Despite decent turnover, profitability remains low. The operating loss went from less than ($52.8) million to less than ($54.7) million. While the Adjusted EBITDA loss improved slightly from ($35.6) million to ($35.3) million. The loss is largely attributed to higher cost of revenue, which rose 68.1% year-over-year from $40.5 million to $78.6 million. This is due to the increase in logistics costs as the price of fuel remains at a very high level. Operating cash flow was negative at ($49.3) million versus ($47.8) million. Net loss per share was $(0.61) compared to $(0.62) a year ago. It should be noted that the number of weighted average shares has increased from 90 million to 93.5 million. This is a trend worth noting, as continued dilution is very detrimental to shareholders. The company’s balance sheet is also quite fragile, with $605 million in debt and only $361 million in cash. This will be a problem as the company is still showing a loss and negative cash flow.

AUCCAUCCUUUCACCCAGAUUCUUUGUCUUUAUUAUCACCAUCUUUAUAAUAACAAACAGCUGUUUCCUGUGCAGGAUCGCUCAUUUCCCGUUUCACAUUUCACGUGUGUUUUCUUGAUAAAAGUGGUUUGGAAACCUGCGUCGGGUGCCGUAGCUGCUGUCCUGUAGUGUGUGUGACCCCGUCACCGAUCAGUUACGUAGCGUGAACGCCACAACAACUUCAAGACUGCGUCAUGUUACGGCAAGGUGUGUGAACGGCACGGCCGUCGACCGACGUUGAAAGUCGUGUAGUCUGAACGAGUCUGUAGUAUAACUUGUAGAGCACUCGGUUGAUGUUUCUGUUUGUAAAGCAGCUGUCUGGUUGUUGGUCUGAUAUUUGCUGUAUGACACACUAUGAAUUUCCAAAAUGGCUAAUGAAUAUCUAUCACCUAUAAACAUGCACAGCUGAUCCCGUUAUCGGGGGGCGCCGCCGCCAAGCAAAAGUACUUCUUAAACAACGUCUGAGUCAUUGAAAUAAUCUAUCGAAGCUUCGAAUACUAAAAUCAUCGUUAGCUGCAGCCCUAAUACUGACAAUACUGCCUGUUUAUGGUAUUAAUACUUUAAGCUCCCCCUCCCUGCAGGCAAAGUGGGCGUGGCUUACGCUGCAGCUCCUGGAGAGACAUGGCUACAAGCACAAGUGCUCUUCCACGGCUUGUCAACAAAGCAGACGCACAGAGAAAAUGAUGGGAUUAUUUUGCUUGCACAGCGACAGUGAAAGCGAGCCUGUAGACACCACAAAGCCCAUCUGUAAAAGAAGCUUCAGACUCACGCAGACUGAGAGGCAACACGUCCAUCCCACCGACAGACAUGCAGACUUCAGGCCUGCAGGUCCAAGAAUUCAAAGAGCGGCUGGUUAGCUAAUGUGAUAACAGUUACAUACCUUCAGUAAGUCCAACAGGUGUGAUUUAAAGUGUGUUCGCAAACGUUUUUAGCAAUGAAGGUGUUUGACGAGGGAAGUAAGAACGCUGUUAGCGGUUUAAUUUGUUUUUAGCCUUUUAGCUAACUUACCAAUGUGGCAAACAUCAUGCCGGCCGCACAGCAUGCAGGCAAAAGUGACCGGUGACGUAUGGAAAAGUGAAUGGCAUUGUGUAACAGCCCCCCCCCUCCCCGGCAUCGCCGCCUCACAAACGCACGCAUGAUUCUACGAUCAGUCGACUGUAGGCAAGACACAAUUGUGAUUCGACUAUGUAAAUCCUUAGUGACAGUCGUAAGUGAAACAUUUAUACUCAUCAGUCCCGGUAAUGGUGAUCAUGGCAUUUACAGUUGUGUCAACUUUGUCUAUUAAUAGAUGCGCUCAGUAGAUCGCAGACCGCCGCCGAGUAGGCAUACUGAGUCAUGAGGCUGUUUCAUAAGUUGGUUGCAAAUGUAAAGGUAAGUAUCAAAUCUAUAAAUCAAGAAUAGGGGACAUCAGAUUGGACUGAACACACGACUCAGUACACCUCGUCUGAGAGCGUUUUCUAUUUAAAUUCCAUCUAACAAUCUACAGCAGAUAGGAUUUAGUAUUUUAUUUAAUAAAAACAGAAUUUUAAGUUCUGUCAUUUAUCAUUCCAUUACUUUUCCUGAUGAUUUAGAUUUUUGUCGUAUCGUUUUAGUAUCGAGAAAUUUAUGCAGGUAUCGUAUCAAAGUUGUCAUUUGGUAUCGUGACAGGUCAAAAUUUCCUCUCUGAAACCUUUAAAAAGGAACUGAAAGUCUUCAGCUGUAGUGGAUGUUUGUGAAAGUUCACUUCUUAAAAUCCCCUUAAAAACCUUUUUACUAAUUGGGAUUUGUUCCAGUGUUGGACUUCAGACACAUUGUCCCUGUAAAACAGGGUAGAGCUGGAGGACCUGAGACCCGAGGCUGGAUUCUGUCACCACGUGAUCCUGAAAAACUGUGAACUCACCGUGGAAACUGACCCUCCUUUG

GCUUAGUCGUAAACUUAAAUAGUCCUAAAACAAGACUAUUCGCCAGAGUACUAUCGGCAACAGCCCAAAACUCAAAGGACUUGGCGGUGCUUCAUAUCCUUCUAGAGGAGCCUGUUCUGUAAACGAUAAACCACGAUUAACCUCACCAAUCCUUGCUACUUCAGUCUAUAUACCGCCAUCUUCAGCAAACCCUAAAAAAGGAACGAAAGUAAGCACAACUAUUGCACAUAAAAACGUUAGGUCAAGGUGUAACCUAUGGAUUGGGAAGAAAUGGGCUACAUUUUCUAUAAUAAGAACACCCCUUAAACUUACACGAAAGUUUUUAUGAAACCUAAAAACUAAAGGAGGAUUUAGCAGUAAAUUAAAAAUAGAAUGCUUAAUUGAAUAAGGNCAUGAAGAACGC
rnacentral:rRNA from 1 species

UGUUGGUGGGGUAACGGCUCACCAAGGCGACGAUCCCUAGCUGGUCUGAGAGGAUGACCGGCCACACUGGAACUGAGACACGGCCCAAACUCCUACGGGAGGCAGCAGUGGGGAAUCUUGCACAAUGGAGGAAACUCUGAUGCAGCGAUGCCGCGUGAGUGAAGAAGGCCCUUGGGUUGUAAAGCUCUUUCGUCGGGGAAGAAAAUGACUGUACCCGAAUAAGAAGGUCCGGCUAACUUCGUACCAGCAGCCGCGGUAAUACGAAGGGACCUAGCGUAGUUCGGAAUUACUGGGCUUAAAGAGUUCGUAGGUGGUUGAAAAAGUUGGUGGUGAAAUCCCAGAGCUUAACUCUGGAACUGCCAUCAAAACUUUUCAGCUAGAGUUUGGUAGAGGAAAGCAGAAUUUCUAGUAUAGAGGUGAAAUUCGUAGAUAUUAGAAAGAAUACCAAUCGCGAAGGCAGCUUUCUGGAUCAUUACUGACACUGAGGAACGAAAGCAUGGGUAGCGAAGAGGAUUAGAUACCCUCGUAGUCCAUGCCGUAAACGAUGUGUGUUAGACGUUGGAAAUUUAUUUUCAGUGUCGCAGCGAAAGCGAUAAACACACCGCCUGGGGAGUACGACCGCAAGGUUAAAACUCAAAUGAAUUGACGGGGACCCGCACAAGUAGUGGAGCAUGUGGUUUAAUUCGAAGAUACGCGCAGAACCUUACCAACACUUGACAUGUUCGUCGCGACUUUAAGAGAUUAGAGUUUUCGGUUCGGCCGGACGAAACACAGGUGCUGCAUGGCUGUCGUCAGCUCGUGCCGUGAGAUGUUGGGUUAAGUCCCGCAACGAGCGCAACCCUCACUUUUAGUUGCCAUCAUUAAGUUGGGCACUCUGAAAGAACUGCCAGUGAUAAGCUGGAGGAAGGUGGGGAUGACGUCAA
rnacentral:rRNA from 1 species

The real real

The real real


In conclusion, I think The RealReal is operating in a very difficult situation. Despite having a large addressable market, the company faces increasing competition not only from resale companies, but also from other luxury e-commerce companies. The barrier to entry into this market is quite low, therefore, there will only be more and more competitors in the future. It faces strong headwinds from the macro environment. Rising fuel costs are already weighing heavily on the company’s results. As the economy continues to weaken and consumer confidence falls, discretionary spending is likely to contract rapidly. The company is showing decent growth, but profitability remains a concern. It still shows negative earnings and cash flow while having a net debt of $244 million. The number of shares in the company also increases, which dilutes the shareholders. Therefore, I believe The RealReal is a sell at the current price.